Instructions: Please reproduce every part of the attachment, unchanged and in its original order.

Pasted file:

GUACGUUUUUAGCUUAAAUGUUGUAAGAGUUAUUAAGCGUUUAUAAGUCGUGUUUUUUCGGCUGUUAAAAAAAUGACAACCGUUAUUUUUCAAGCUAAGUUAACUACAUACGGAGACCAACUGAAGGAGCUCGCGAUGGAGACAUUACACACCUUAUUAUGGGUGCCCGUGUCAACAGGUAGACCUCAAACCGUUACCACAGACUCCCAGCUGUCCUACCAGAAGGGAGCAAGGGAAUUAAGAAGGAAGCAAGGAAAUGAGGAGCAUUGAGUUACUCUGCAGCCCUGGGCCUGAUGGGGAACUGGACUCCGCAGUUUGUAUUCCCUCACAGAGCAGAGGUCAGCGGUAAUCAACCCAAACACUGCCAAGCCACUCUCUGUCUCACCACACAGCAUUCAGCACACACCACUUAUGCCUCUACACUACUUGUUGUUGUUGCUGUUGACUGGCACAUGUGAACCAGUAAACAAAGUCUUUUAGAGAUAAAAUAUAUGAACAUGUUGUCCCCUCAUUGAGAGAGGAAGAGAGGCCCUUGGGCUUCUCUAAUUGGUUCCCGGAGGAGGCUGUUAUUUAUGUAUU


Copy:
GUACGUUUUUAGCUUAAAUGUUGUAAGAGUUAUUAAGCGUUUAUAAGUCGUGUUUUUUCGGCUGUUAAAAAAAUGACAACCGUUAUUUUUCAAGCUAAGUUAACUACAUACGGAGACCAACUGAAGGAGCUCGCGAUGGAGACAUUACACACCUUAUUAUGGGUGCCCGUGUCAACAGGUAGACCUCAAACCGUUACCACAGACUCCCAGCUGUCCUACCAGAAGGGAGCAAGGGAAUUAAGAAGGAAGCAAGGAAAUGAGGAGCAUUGAGUUACUCUGCAGCCCUGGGCCUGAUGGGGAACUGGACUCCGCAGUUUGUAUUCCCUCACAGAGCAGAGGUCAGCGGUAAUCAACCCAAACACUGCCAAGCCACUCUCUGUCUCACCACACAGCAUUCAGCACACACCACUUAUGCCUCUACACUACUUGUUGUUGUUGCUGUUGACUGGCACAUGUGAACCAGUAAACAAAGUCUUUUAGAGAUAAAAUAUAUGAACAUGUUGUCCCCUCAUUGAGAGAGGAAGAGAGGCCCUUGGGCUUCUCUAAUUGGUUCCCGGAGGAGGCUGUUAUUUAUGUAUU